You see, the United States consists of three regions, each isolated from its neighbor. The rivers of the East run into the Atlantic and it is isolated from the Midwest by the Appalachian Mountains. The Midwest consists of the great basin of the Mississippi River and its tributaries, and its water-routes run to the Gulf of Mexico. The rivers of the West run to the Pacific Ocean, and it is isolated from the Midwest by the Rocky Mountains. Until the nineteenth century, water transport was the only economical way of shipping goods for any long distance and water transport between the regions of the United States was economically unfeasible. The development of the steamboat in the early years of the nineteenth century made it possible to use inland waterways to the fullest, and every developed country, including the United States, began building canals to link those waterways and regions. The Erie Canal, joining the Hudson River and Lake Erie, was the first route to unite the East and Midwest. It was an immense work, but nothing like that which would be required to join the West and Midwest. In the long run, this proved to be unnecessary. The reliability and freight capacity of steam-driven locomotives had been improving steadily and, by the close of the Civil War, the paddle-wheel river boats and expensive canals were a thing of the past. Both American and foreign capital was poured into railway building, and the results were quickly apparent.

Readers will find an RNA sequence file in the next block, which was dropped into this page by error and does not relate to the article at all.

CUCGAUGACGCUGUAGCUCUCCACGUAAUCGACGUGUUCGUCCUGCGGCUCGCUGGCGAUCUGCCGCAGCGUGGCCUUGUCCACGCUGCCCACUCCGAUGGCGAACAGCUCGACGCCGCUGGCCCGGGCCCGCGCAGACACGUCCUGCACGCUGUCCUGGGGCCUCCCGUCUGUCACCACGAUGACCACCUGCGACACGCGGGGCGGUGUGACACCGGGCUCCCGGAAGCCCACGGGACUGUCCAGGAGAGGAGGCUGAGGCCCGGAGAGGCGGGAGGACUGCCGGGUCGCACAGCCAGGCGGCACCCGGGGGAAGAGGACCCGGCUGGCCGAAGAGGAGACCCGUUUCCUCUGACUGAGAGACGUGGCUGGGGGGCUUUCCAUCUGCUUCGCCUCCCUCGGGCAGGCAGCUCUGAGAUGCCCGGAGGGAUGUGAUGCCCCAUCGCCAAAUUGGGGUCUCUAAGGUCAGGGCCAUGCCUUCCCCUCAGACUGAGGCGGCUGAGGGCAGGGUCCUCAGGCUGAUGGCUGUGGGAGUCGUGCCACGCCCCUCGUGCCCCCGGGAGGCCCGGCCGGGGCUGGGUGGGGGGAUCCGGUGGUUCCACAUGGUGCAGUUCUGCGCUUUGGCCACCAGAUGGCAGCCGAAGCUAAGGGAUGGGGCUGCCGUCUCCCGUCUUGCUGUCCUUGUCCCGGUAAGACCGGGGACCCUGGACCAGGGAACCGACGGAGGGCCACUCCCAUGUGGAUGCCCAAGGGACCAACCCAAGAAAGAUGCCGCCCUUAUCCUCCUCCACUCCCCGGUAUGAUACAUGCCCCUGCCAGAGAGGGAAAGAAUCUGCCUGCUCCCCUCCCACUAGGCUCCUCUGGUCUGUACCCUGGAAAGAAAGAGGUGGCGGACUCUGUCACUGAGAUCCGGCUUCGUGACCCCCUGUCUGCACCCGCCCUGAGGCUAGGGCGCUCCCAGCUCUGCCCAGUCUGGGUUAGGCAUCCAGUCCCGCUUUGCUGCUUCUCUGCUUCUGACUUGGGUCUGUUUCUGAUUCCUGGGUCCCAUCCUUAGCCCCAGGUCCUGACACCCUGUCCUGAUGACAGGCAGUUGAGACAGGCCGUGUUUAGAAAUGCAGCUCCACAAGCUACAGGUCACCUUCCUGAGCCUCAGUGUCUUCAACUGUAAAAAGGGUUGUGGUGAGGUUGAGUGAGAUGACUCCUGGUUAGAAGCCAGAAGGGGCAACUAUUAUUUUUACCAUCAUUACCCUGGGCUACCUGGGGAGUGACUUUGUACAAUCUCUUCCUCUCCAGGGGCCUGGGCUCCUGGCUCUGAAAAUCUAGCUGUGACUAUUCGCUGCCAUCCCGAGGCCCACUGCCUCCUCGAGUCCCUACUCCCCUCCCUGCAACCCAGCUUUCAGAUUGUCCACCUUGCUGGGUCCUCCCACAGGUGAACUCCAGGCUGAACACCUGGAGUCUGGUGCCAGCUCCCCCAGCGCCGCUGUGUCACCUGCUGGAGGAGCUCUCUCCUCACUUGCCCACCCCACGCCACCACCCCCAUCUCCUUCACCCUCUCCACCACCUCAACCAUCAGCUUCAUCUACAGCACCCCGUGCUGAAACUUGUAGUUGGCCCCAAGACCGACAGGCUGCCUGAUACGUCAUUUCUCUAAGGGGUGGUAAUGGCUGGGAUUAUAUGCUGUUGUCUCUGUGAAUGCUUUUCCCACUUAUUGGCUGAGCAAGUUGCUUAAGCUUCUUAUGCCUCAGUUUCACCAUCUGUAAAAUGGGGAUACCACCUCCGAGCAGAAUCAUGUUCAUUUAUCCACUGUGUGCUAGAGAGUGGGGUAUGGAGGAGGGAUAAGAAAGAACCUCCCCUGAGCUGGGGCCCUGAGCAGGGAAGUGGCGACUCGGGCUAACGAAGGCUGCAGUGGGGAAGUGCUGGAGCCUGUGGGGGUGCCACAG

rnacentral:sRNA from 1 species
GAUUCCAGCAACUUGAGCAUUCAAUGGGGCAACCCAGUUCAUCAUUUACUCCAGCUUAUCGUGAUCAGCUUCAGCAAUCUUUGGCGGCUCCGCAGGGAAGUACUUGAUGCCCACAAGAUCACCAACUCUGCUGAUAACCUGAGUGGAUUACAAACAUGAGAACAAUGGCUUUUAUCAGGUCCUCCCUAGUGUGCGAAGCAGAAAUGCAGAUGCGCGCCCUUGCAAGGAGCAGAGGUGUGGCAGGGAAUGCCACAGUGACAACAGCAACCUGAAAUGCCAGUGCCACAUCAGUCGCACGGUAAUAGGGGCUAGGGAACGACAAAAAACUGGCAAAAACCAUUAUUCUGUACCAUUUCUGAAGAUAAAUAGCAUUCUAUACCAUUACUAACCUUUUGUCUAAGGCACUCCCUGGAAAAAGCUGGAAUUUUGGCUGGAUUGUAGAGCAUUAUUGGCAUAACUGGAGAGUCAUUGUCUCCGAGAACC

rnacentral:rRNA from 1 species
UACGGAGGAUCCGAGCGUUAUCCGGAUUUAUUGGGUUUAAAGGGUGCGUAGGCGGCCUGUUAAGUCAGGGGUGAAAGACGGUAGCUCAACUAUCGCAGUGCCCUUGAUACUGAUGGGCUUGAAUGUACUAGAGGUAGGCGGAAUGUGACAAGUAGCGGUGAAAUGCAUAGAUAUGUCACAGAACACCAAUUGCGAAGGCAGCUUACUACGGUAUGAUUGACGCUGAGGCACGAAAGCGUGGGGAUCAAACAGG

One result was that it was now possible to ship iron ore from Minnesota to Pennsylvania where there were great deposits of anthracite coal. This was the foundation upon which Andrew Carnegie's immense steel empire was built. Another result was that it was now possible to ship live cattle from the plains of Kansas and Texas to great slaughter-houses and canneries in Chicago and then to ship the products of the canneries throughout the nation and world. In order to settle the Continent and to create this new industrial economy, the United States needed a greater population than it had, and so the promise of jobs and freedom drew a new wave of immigrants. Coming from southern and eastern Europe, the ethnic makeup of the country was changed significantly. Other changes of similar magnitude were also taking place. America was becoming an economic empire well before it became a political empire as well.